|BWS Stories - NABBW and GRAND Magazine Contests Winners|
NABBW and GRAND Magazine Contests Winners - Riding with Grandma - Runner Up!
Karen Ferrick-Roman lives in Beaver Falls, PA, with her husband and two teenage sons. A former newspaper reporter, she now works in public relations for a Pittsburgh university. Through the years, she’s built up the self-confidence to jump from a small plane like the one that her grandmother wanted to fly.
Riding with Grandma - Runner Up!In the sixth-grade, I was slightly awkward, slightly self-conscious, and slightly tongue-tied. Being with my grandmother changed everything.
She always knew the fun spots, finding flat bread and lamb at the Syrian picnic, the pinkest cotton candy at the carnival, and the smoothest the ice cream on the way to Crooked Creek Lake. Always, we arrived in style, her white 1963 convertible gleaming and the black top down. Her pink flowered chiffon scarf billowed in the breeze; her teeth struck the smile that illuminated my world. My hair flew into my face and tangled with my ice cream cone, which maddeningly melted over me and the black leather seats. Grandma never yelled about sticky messes.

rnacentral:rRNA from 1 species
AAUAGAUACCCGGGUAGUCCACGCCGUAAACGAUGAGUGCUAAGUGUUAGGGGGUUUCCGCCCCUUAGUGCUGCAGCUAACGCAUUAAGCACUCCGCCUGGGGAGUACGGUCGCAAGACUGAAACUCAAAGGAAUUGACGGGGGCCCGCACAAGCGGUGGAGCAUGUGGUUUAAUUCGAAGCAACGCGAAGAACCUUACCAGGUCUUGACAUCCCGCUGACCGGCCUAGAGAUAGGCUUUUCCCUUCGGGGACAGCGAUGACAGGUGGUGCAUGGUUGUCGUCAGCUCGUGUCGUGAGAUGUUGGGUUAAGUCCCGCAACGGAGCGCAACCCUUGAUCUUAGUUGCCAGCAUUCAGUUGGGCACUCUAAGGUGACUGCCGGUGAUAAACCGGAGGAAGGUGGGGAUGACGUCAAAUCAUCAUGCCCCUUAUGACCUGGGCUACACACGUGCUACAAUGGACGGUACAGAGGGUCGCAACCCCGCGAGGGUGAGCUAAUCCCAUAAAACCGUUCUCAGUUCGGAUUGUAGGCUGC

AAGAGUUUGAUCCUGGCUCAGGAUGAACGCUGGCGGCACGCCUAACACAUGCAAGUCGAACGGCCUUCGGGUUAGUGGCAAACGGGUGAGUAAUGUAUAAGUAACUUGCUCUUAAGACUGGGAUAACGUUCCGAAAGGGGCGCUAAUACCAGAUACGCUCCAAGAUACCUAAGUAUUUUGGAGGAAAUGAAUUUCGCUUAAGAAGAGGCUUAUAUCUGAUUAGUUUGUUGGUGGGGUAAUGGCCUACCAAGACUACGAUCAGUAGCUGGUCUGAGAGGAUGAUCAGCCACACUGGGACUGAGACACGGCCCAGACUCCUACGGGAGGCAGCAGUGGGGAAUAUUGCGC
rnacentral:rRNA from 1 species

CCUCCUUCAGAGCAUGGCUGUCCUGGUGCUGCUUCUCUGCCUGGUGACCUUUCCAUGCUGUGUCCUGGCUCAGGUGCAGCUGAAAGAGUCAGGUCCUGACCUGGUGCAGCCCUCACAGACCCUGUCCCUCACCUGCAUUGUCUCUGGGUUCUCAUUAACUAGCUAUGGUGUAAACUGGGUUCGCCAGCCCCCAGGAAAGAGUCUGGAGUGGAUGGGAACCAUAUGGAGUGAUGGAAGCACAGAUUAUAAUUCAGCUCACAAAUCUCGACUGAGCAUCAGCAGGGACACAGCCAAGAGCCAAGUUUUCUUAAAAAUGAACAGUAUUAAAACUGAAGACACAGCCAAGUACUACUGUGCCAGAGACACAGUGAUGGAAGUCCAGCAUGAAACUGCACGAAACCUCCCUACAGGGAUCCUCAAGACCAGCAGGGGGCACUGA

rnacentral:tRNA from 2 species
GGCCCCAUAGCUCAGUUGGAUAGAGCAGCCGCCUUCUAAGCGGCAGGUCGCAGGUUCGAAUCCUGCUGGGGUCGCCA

She was only 5-foot-4, but to me was larger than life. She did everything with style, from confidently hitting softballs to us kids in the backyard, to dressing in nipped-waist dresses and heels. Always, she smelled of the fresh almond scent of Jergens lotion. The waves of her black hair framed her doe-like eyes, which rounded with surprise at my mother’s displeasure when she would arrive unannounced on Sunday nights, just in time for the Cartwrights to ride the range in TV-land’s Bonanza—and to push back our bedtime for another hour. Her grocery bag of corn curls, cherry Twizzlers, and Tahitian Treat pop was quickly emptied. I’d clamber next to her in the brown recliner, comfortably breathing in her aura until the show ended. Just being with her stoked my confidence. She was a working woman before her time, driving from our hole-in-the-wall western Pennsylvania town to Myrtle Beach to have the ocean breeze fluff her hair. I imagined the top down and her scarf flying for hours at a time.
The next year we visited her house, gathering with relatives after her funeral. I found curious maps on the living room coffee table; one of her last adventures had been flying lessons. Even now, I imagine her at the controls, looking down on the cars, the farms, the houses. She would ride the wind, her smile as broad as the sun.
Even though she never got her pilot’s license, she taught her grandchildren how to fly.